LA QUINTA, Calif. – Austin Cook played a six-hole stretch in 6 under and shot an 8-under 64 in breezy conditions Saturday to take the lead at the CareerBuilder Challenge.

Cook began the run at La Quinta Country Club with birdies on Nos. 4-5, eagled the sixth and added birdies on No. 7 and 9 to make the turn in 6-under 30.

After a bogey on the 10th, he birdied Nos. 11, 12 and 15 and saved par on the 18th with a 20-footer to take a 19-under 197 total into the final round on PGA West's Stadium Course. The 26-year-old former Arkansas player is making his first start in the event. He won at Sea Island in November for his first PGA Tour title.

Fellow former Razorbacks star Andrew Landry and Martin Piller were a stroke back. Landry, the second-round leader, had a 70 on the Stadium Course. Piller, the husband of LPGA tour player Gerina Piller, shot a 67 at La Quinta. They are both winless on the PGA Tour.

Full-field scores from the Career Builder Challenge

CareerBuilder Challenge: Articles, photos and videos

Jon Rahm had a 70 at the Stadium Course to reach 17 under. The top-ranked player in the field at No. 3, Rahm beat up the par 5s again, but had four bogeys – three on par 3s. He has played the 12 par 5s in 13 under with an eagle and 11 birdies.

Scott Piercy also was two strokes back after a 66 at the Stadium.

Adam Hadwin had a 67 at La Quinta a year after shooting a third-round 59 on the course. The Canadian was 16 under along with Grayson Murray and Brandon Harkins. Murray had a 67 on PGA West's Jack Nicklaus Tournament Course, and Harkins shot 68 on the Stadium Course.

Phil Mickelson missed the cut in his first tournament of the year for the second time in his career, shooting a 74 on the Stadium Course to finish at 4 under – four strokes from a Sunday tee time.

The 47-year-old Hall of Famer was playing for the first time since late October. He also missed the cut in the Phoenix Open in his 2009 opener.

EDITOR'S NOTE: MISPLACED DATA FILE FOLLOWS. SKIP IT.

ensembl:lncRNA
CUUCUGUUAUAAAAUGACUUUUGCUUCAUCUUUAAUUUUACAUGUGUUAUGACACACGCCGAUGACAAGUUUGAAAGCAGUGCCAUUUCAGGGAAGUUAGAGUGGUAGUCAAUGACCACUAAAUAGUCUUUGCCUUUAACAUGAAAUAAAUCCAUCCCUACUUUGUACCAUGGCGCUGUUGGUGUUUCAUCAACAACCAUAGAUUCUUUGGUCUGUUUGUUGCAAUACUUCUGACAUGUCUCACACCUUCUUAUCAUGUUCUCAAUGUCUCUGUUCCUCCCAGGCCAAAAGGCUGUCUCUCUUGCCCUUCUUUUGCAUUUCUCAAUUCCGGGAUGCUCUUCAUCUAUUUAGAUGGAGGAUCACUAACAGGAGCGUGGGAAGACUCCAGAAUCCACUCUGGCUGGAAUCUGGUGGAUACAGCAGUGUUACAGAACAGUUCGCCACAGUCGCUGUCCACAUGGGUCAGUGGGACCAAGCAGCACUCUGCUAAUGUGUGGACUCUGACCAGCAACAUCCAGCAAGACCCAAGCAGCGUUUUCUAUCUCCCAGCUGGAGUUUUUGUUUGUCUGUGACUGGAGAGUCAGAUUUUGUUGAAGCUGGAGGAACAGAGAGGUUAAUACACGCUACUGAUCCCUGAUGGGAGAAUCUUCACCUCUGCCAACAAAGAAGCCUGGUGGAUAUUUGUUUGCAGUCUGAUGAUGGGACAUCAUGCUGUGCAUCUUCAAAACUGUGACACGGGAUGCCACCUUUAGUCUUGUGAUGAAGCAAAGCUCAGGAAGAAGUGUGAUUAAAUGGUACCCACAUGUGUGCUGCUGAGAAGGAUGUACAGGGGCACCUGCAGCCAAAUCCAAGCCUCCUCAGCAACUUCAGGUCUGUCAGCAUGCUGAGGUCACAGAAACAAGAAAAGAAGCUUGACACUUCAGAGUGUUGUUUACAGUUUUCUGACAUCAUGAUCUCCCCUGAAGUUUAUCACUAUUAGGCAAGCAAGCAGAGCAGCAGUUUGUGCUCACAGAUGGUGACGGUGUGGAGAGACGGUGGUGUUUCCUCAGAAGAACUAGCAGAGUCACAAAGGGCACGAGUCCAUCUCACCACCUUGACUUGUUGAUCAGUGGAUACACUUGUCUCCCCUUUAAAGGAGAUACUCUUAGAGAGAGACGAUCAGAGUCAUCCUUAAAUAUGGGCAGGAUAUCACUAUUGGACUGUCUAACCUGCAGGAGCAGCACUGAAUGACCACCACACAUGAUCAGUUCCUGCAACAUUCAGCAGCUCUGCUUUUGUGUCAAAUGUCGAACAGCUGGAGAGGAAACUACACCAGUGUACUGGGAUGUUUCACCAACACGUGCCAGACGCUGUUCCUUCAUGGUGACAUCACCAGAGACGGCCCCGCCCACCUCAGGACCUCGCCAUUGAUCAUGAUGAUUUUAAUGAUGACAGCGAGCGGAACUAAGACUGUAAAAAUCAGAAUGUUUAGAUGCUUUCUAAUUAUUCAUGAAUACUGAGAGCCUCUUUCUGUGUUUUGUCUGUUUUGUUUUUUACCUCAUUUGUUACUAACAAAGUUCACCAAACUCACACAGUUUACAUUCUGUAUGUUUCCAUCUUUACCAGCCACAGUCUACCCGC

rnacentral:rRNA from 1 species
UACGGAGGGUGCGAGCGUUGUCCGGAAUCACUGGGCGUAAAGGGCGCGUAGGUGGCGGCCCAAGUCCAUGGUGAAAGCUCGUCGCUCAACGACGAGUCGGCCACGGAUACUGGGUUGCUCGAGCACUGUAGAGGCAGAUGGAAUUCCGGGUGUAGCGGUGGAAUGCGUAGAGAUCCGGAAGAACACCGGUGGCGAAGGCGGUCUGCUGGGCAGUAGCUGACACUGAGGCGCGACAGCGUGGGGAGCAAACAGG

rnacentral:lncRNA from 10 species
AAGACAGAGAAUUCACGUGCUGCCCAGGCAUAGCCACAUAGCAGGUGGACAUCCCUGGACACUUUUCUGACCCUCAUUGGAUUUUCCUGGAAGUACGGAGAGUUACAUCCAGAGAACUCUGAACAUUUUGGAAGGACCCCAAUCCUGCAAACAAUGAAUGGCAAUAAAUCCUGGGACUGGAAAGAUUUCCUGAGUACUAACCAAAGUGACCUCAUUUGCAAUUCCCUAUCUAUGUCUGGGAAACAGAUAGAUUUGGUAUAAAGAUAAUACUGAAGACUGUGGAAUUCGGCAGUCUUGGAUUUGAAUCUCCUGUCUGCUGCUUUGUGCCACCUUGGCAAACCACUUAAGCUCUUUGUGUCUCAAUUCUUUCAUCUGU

Charlie Reiter, the Palm Desert High School senior playing on the first sponsor exemption the event has given to an amateur, also missed the cut. The Southern California recruit had three early straight double bogeys in a 77 on the Stadium that left him 1 over for the week.

John Daly had an 80 at La Quinta. He opened with a triple bogey and had six bogeys – four in a row to start his second nine – and only one birdie. The 51-year-old Daly opened with a 69 on the Nicklaus layout and had a 71 on Friday at the Stadium.

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Mickelson misses CareerBuilder cut for first time in 24 years

By Randall MellJanuary 21, 2018, 12:48 am

Phil Mickelson missed the cut Saturday at the CareerBuilder Challenge. It’s a rare occurrence in his Hall of Fame career.

He has played the event 15 times, going back to when it was known as the Bob Hope Classic. He has won it twice.

How rare is his missing the cut there?

The last time he did so, there was no such thing as a DVD, Wi-Fi, iPods, Xbox, DVR capability or YouTube.

Full-field scores from the Career Builder Challenge

CareerBuilder Challenge: Articles, photos and videos

The PGA Tour’s Jon Rahm didn’t exist, either.

The last time Mickelson missed a cut in this event was 1994, nine months before Rahm was born.